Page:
My first super favorite of ! We're not e YES! View all 26 comments. Blurb An unspeakable crime. I I love Stephen King and in this novel, he has finally come back. I loved his older books and this one filled me with excitement and the horror kept on coming. Things just don't seem to be seen as they are suppose to be.
This one actually scared me. If you are after a good scare, I highly recommend this book. If you loved the Bill Hodges Series, this one will be a big treat. It was a big treat for me. I suggest to read The Bill Hodges Series first and you will get a big surprise when you read this. If you don't want to read the series, I guess that would be fine because it's just the character development I think that you will be missing.
This one made my top ten list of View all 85 comments. Jun 27, Matt rated it it was amazing Shelves: audiobook. Stephen King has done it again with a powerful story that pulls the reader into the middle and will not let them go.
Mixing his ability to write mysteries with a long-established foundation for the supernatural, this novel will impress the dedicated reader ready for an adventure like no other. While Maitland professes his innocence, Anderson turns a deaf ear, sure that the forensics are irrefutable. A solid alibi exists for Maitland being a fair distance away, with equally persuasive alibi witnesses and physical evidence, though Anderson chooses not to give this much merit.
How can a man be in two places at once and does DNA lie? When the evidence is extrapolated by a guilty Anderson, who cannot rest until he knows the truth, all eyes turn to Dayton, Ohio, where Maitland spent some of his time with family. Gibney, eccentric as ever, is curious and agrees to take the case, poking around and asking the right questions. She soon discovers that there is more to Terry Maitland than meets the eye and the case is blown wide open. What follows is a series of events that turns the small town of Flint City into the centre of a larger and more disturbing mystery, with ties to a piece of Mexican folklore.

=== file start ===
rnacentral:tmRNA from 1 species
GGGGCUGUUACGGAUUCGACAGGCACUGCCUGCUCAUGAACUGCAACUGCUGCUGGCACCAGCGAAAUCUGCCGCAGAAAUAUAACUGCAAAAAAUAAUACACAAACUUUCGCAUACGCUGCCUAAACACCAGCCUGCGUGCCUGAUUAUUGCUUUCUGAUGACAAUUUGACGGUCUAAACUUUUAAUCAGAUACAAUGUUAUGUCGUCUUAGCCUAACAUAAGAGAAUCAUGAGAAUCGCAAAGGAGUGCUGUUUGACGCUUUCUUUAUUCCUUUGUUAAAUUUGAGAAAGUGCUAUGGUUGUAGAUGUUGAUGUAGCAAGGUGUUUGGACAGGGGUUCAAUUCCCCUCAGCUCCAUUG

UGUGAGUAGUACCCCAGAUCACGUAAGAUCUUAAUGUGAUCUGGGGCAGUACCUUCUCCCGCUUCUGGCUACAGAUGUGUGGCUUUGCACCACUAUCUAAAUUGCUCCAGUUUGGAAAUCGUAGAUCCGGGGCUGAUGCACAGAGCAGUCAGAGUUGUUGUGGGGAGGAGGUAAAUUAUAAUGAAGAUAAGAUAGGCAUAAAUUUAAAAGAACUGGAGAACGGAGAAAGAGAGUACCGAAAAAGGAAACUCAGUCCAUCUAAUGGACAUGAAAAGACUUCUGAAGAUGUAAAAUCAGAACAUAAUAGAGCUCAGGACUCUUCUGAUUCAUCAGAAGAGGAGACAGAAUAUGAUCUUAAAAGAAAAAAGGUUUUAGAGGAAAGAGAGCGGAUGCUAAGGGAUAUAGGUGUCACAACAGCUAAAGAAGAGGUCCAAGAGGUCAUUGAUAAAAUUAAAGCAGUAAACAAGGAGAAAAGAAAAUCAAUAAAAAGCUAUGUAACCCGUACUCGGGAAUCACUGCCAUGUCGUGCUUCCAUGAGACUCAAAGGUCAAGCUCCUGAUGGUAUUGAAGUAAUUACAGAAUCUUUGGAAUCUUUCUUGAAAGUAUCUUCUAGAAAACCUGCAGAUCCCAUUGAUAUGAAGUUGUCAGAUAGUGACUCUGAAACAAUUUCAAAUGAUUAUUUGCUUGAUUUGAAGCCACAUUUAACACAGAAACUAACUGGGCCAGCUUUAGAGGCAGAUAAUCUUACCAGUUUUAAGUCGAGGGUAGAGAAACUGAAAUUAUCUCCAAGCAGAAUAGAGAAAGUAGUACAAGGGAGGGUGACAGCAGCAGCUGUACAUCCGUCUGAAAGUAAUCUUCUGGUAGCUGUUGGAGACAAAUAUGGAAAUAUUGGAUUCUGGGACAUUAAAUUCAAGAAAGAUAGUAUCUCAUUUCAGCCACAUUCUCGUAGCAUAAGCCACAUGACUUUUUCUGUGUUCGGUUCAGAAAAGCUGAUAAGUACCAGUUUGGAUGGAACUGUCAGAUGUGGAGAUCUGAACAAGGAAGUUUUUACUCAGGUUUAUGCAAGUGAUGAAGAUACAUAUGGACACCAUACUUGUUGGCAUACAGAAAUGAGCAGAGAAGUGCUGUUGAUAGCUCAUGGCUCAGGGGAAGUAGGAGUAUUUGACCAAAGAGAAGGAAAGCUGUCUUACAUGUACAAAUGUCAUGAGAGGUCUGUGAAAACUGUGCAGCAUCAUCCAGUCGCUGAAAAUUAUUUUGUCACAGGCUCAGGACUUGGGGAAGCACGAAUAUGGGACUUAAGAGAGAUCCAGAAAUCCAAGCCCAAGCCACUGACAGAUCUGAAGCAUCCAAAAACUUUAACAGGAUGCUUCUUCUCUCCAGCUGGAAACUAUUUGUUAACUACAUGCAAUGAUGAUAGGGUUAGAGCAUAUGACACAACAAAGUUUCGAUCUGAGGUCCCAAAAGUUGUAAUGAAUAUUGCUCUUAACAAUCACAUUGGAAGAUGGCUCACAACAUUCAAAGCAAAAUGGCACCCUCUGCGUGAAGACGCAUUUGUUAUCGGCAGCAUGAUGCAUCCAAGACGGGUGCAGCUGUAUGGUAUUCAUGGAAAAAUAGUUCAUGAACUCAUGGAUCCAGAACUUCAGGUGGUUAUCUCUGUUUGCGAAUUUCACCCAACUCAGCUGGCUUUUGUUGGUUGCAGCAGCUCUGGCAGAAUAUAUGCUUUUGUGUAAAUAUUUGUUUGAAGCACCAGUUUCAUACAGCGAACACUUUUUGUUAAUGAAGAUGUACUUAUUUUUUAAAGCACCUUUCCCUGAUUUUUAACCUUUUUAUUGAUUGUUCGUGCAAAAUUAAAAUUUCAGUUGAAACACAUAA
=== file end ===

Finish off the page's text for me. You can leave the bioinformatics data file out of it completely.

Is there a way to be in two places at once? Who is the mysterious man that appears in the dreams of many around town, making threats of violence? King offers up answers to these and many others in his latest piece of stunning fiction. Those who can stomach Stephen King will surely love this book, though his trademark meandering might turn the less than prepared off reading this stellar novel!
I will be the first to admit that it takes a certain kind of reader to enjoy Stephen King. His masterful ability to tell a story is surrounded by layers of tangential writing and minor characters seeking their time in the spotlight. However, if one can handle this sort of storytelling, there is a core tale that is almost addictive and one cannot walk away without being impacted.
King does a masterful job here, focussing his attention on many people throughout the piece.
Terry Maitland receives strong character development throughout the early portion of the novel, his life dragged through the mud as the accusations against him pile high. He seeks to clear his name, though the evidence appears to make this close to impossible. Ralph Anderson and Holly Gibney, though not the only others who share a significant amount of the spotlight, are two that will not soon be forgotten by readers. Anderson is the police official seeking justice over all else and not wanting to let his gaffes hang too long around him.
Mercedes trilogy, where her unique style seems to have made its mark. Gibney divorces herself from the socially acceptable world and tells things as she sees them, no matter the consequences. Scores of other characters dot the narrative and push it forward, keeping the reader enthralled and wanting more, their characteristics sometimes a flash in the pan, but always appreciated.
What appears to be the thread the narrative will follow is soon abandoned for a different pathway, but one the reader can enjoy without too many mental gymnastics. I understand how many may not have liked this piece or found it too I know all too well that King can be difficult to digest and it takes a certain type of reader to understand him.
That being said, I cannot praise this recent piece enough and await the next novel to see what else he has in store. Kudos, Mr.
Book review: The Outsider is one of Stephen King's best novels in a while - The National
King, for another winner. While I have been critical of some work you produce, you always keep me guessing and wondering what you have in mind when I crack open another of your pieces of writing. View all 44 comments. Jun 03, Robin rated it it was ok Recommends it for: friends of the fantastical.